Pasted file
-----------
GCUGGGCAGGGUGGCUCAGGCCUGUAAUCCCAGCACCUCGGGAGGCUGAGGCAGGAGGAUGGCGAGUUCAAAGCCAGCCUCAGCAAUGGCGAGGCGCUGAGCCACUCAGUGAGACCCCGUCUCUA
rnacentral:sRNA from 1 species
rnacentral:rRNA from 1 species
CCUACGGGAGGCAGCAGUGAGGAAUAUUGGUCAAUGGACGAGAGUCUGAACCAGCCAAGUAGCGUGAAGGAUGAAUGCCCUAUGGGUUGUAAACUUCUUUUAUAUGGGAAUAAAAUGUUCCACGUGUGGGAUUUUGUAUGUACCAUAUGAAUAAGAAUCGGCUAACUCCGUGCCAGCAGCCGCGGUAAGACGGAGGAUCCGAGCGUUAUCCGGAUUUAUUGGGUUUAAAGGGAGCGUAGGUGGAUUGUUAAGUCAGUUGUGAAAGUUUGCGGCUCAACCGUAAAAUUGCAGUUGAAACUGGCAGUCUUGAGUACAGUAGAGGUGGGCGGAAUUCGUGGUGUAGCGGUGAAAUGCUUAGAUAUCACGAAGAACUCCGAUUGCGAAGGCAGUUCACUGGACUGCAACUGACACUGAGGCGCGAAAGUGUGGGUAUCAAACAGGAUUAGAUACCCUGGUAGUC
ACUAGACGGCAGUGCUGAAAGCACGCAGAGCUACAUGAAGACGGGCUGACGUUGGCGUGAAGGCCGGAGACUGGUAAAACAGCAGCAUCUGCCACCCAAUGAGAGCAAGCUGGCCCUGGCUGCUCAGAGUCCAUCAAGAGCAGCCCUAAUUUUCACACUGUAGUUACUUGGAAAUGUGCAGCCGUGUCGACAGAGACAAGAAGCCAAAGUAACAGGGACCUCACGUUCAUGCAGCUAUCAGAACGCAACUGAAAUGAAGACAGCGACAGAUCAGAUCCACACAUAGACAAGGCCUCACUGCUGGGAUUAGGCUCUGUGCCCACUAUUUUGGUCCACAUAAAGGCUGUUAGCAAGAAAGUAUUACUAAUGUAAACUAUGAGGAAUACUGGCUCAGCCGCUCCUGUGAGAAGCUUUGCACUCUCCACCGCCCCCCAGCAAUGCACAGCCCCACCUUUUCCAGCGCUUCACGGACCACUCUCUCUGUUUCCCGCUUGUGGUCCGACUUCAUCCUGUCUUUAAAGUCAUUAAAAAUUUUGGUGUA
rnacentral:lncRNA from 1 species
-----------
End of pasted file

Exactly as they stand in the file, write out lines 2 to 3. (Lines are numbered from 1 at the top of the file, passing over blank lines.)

rnacentral:sRNA from 1 species
rnacentral:rRNA from 1 species